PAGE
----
Recently I was working on a project where I had free reign over the UI, and felt that it would be very nice to have some vertically oriented text. On searching through the Android API docs, I found that rotating Views isn’t supported directly, but a quick Google search found a number of approaches. In this article we’ll explore a couple of different methods for displaying vertical text in Android.
Before we begin, let’s discuss what I was trying to achieve. I wanted the text rotated through 90 degrees anti-clockwise. To achieve this we need to move our text to the right by a distance equal to its own height, down by a distance equal to its own width, and then rotate it by -90 around its bottom left corner. So, if we start with the following text:
We want this to appear as follows:
As I have often said on this blog: There are usually multiple was of achieving your desired results on Android, and this case is no different.
Let’s start by creating a new 4.0.3 project with minSdk=”1.6″ named VerticalText, with a package name of
com.stylingandroid.verticaltext, and a default activity named VerticalTextActivity.
Next, we’ll create a style in res/values/styles.xml which we’l use later:[xml]
Next we’ll replace the default string named
hello with one named
text to res/values/strings.xml:
We’re now ready to look at how we achieve the rotation of the text that we require. The first option that I found was on StackOverflow where a user named “mice” outlined a custom control to display rotated text. Let’s create a new class named
VerticalTextView which is an exact copy of mice’s solution
final boolean topDown;
public VerticalTextView( Context context,
AttributeSet attrs )
super( context, attrs );
final int gravity = getGravity();
if ( Gravity.isVertical( gravity )
&& ( gravity & Gravity.VERTICAL_GRAVITY_MASK )
== Gravity.BOTTOM )
( gravity & Gravity.HORIZONTAL_GRAVITY_MASK )
| Gravity.TOP );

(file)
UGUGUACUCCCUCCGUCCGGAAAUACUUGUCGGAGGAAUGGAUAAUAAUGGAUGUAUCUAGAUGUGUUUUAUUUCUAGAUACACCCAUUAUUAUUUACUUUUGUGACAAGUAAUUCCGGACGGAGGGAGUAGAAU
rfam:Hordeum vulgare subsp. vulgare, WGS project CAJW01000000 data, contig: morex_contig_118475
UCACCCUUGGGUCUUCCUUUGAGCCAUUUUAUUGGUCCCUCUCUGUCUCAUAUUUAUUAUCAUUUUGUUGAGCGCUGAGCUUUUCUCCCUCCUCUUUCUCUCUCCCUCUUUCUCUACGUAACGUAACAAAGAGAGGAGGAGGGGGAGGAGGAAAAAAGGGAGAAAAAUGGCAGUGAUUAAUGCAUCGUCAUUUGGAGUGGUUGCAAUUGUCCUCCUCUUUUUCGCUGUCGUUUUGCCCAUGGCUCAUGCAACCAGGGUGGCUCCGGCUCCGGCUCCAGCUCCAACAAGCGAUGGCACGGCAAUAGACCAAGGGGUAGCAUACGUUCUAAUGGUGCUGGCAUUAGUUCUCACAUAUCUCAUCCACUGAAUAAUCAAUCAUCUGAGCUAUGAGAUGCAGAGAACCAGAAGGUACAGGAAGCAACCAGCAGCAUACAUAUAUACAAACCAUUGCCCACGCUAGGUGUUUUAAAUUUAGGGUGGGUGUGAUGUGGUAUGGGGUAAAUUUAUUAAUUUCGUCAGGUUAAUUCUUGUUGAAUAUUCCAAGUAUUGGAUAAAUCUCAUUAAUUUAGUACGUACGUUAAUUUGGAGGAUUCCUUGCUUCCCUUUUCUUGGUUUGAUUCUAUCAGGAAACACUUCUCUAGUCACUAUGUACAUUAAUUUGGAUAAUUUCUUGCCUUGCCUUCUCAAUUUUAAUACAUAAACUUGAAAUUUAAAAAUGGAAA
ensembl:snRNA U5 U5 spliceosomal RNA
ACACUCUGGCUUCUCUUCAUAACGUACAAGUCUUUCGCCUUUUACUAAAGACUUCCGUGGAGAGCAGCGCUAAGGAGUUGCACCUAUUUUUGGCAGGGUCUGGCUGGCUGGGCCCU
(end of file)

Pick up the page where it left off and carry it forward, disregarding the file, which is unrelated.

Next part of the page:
topDown = false;
topDown = true;
protected void onMeasure( int widthMeasureSpec,
int heightMeasureSpec )
protected void onDraw( Canvas canvas )
TextPaint textPaint = getPaint();
textPaint.setColor( getCurrentTextColor() );
textPaint.drawableState = getDrawableState();
if ( topDown )
canvas.translate( getWidth(), 0 );
canvas.rotate( 90 );
canvas.translate( 0, getHeight() );
canvas.rotate( -90 );
getLayout().draw( canvas );
This is quite straightforward. In the constructor it is tweaking the gravity of the underlying TextView to switch the orientation of the gravity to match the rotation of the text. It overrides the
onMeasure() method to swap the width and height of the control to match the final dimensions of the rotated text. Finally it overrides
onDraw() and applies a rotation dependent on the gravity setting.
We can now change our main layout in res/layout/main.xml to include a VerticalTextView control:[xml]
We are using the style and string values that we defined earlier, and we need to set the gravity to
bottom|right in order to get the text in the orientation that we want. Please feel free to have a play with different values here to explore how the gravity affects things.
If we run this, we get the desired result:
This works quite nicely but, as mice says in his answer, it does have certain limitations such as handling marquees. There are also some other similar approaches in other answers to the same question, but they all have certain limitations of one kind or another. I’m not going to bother explaining them all here because they are all variations upon the same concept of creating a custom control.
In the concluding part of this series we’ll look at another method which uses a standard TextView control and doesn’t break any of its functionality.
The source code for this article can be found here.
© 2012, Mark Allison. All rights reserved.
Copyright © 2012 Styling Android. All Rights Reserved.
Information about how to reuse or republish this work may be available at http://blog.stylingandroid.com/license-information.